16 Famous Shel Silverstein Poems About Death

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Shel Silverstein is one of the most well-known American authors and poets. With a wide selection of cartoons, songs, and children’s books, his work has sold over 20 million copies worldwide.

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Though much of his work was written for younger audiences, this author is not afraid of covering complex themes. Many of his works are used as funeral poems. One of his most important goals was to make his readers laugh and think critically about the world around them. 

As he famously wrote, “There are no happy endings.” Still, his work brings people around the world hope and comfort in times of mourning. In this guide, we’ll highlight some of Shel Silverstein’s best poems about death. These are perfect for a funeral or memorial service, but they’re also just a way to feel less alone. 

Shel Silverstein Poems About Death

Silverstein’s work often fell in the murky waters between adults and children. It was written with simplistic language, making it digestible for readers of all ages. Still, many of his work includes poems about death, though that doesn’t mean they have to be sad. 

1. "Fred?" from Where the Sidewalk Ends

This poem describes the many different versions of a creature known as “Fred” and many other names to different people. Whether you call him “Maurice,” “Ted,” “Lucifer,” or “Fred,” this poem argues that it doesn’t matter because he’s still dead. 

2. "Little Abigail and the Beautiful Pony" from A Light in the Attic

Little Abigail, unfortunately, dies because she doesn’t receive a pony from her parents. Though they claimed no child ever died from not getting what they want, that’s precisely what happens in this teasing poem.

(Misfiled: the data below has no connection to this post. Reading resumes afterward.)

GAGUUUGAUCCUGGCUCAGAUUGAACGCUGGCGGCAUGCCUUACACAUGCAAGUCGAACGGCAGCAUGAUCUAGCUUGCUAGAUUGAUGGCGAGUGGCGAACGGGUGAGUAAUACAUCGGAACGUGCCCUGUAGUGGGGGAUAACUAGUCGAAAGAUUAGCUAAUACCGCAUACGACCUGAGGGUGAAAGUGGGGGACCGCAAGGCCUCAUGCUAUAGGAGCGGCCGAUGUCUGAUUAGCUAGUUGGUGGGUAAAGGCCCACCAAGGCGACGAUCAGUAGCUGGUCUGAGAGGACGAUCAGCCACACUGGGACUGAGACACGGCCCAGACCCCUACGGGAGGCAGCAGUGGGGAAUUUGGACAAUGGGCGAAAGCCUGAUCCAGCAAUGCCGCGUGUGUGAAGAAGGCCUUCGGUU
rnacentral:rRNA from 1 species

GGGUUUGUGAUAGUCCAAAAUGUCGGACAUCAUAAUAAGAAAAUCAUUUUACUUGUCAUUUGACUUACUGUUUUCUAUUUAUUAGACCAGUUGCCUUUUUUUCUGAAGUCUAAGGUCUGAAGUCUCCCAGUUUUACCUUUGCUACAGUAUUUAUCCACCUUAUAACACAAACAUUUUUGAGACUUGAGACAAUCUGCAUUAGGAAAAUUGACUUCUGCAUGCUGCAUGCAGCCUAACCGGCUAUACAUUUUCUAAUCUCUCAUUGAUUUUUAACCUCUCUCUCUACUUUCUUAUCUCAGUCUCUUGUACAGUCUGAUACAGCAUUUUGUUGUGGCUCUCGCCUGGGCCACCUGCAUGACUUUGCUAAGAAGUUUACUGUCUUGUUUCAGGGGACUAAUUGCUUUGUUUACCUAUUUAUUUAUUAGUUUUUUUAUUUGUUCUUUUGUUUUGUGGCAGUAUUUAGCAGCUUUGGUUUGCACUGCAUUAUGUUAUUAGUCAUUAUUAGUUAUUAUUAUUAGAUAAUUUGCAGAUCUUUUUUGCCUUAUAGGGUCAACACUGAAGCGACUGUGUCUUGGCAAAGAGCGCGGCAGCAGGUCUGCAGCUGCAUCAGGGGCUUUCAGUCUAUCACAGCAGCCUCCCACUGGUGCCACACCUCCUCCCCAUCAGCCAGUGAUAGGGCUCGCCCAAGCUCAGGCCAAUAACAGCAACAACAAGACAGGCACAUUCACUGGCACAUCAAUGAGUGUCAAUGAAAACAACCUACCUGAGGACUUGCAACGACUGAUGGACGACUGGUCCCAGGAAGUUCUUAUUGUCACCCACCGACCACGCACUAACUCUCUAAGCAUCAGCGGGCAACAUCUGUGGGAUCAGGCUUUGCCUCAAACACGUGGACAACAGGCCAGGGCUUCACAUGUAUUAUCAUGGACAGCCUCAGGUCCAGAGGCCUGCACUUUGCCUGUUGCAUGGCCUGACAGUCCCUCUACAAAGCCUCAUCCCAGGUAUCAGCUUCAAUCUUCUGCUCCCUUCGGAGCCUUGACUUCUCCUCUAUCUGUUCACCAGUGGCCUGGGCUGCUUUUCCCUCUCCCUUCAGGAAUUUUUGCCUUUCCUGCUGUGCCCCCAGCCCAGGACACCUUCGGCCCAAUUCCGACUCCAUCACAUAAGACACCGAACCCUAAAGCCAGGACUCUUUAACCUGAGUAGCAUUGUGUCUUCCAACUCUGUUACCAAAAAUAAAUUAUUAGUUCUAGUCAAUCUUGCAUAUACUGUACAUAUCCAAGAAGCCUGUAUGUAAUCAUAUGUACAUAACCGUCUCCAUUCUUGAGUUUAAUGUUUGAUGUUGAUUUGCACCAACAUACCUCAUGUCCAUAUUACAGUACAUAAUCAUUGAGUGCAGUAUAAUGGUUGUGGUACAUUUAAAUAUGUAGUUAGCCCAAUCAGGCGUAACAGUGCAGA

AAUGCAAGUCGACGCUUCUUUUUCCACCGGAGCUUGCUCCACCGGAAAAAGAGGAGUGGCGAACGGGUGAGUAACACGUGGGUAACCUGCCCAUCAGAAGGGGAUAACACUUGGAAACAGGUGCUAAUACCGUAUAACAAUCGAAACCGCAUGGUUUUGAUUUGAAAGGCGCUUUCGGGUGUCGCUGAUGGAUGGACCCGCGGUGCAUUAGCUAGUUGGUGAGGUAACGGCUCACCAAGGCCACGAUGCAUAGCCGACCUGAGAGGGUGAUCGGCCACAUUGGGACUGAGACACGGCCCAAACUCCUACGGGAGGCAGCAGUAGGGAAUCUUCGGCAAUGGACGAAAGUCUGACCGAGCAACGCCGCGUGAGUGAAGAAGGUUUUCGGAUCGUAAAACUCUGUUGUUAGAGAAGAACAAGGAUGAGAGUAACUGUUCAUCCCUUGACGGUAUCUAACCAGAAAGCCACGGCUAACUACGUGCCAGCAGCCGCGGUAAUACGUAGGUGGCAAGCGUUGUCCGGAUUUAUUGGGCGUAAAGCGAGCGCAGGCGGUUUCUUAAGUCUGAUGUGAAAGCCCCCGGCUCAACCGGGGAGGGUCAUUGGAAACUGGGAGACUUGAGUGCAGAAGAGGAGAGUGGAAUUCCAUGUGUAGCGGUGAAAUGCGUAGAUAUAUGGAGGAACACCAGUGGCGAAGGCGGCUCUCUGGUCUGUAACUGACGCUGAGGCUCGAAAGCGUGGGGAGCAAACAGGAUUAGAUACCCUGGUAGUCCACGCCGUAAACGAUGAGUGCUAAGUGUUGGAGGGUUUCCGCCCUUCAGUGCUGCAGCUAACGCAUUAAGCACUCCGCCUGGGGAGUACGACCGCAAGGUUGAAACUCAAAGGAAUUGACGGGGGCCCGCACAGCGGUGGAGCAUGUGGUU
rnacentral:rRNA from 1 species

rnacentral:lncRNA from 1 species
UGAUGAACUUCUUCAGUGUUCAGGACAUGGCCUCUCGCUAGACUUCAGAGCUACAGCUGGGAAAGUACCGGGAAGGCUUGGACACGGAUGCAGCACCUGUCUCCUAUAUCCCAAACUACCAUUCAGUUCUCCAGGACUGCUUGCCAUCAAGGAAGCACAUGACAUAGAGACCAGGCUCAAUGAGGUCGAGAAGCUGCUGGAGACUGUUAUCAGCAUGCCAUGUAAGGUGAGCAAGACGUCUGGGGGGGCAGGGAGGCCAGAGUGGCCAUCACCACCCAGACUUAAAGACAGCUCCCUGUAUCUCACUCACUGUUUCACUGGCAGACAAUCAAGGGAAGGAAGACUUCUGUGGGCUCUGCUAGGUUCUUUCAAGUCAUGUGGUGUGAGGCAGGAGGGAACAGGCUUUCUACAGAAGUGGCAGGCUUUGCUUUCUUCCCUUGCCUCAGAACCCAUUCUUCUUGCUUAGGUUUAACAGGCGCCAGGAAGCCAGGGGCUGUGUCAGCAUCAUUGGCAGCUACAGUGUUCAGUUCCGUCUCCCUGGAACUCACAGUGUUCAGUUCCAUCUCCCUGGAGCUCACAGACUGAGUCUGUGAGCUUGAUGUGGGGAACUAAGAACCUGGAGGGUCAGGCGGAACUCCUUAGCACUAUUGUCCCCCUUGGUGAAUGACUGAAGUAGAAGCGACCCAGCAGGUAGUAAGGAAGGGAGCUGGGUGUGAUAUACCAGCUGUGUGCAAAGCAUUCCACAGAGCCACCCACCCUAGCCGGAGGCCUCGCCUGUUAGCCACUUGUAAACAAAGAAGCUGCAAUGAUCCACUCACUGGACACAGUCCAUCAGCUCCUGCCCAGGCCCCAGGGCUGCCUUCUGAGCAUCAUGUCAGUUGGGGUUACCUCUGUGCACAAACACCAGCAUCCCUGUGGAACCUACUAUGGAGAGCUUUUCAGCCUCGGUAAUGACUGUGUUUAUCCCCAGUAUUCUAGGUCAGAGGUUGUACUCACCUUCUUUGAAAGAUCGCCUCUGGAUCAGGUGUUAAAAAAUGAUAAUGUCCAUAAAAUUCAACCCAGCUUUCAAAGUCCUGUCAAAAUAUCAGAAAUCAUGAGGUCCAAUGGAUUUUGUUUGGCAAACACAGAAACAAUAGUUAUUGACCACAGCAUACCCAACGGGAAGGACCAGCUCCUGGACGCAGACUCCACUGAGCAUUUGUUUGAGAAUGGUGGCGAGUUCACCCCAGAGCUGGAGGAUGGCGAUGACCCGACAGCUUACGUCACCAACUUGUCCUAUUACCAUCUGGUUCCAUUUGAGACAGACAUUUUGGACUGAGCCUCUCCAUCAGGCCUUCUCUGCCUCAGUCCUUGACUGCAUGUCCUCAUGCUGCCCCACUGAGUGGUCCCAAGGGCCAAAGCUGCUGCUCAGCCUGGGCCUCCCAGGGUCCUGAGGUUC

3. “When I Am Gone” from Every Thing On It

Published after Silverstein’s death, this poem is a reminder that those we love never really leave us. Each line poses a new question, “When I am gone what will you do?” Though those we love might leave a space when they’re gone, this doesn’t mean we love them any less.

4. “Yessees and Noees” from Ever Thing On It

According to the poet, the world is full of 3 types of people. There are the “yessees” who say yes to everything. They died of “much too much.” Then, there are the “noees” who said no to everything until they died of fright. 

Finally, there are the “Thinkforyourselfees” who all came out fine. Ultimately, this is a poem about the danger of not thinking for yourself. If you’re not careful, you could push yourself too far—even towards death. To live for yourself and on your own terms is to die without regret.

5. “Years From Now” from Every Thing On It

“Years From Now” is a 4-line poem that perfectly captures the power of legacy. Though the author can no longer see the reader’s face as they flip through their poems far into the future, they still are comforted knowing they’ll be remembered. 

6. “Happy Ending?” from Every Thing On It

Last but not least, “Happy Ending?” is one of Silverstein’s most profound, memorable poems about death. He argues there is no such thing as a happy ending. They’re always “the saddest part.” 

However, the ending isn’t what really matters. All he really needs is a “happy middle” and a “very happy start.” These are the memories we’ll look back on. Life isn’t always perfect, and death is still sad, but these happy memories are what count most of all. 

Shel Silverstein Poems for a Funeral, Memorial, or Eulogy

If you’re planning a memorial service or writing a eulogy, using a poet’s work can often say what’s hard to put into words. Whether you’re honoring how someone lived their life or showing the power of legacy, these are the perfect poems. 

7. "Poet’s Tree" 

For someone who always knew what mattered most, “Poet’s Tree” is an ode to them. Though it’s easy to get swept up in the chaos of life and one’s responsibility, we should all remember to take a moment to “rest awhile” under the poet tree and escape from reality.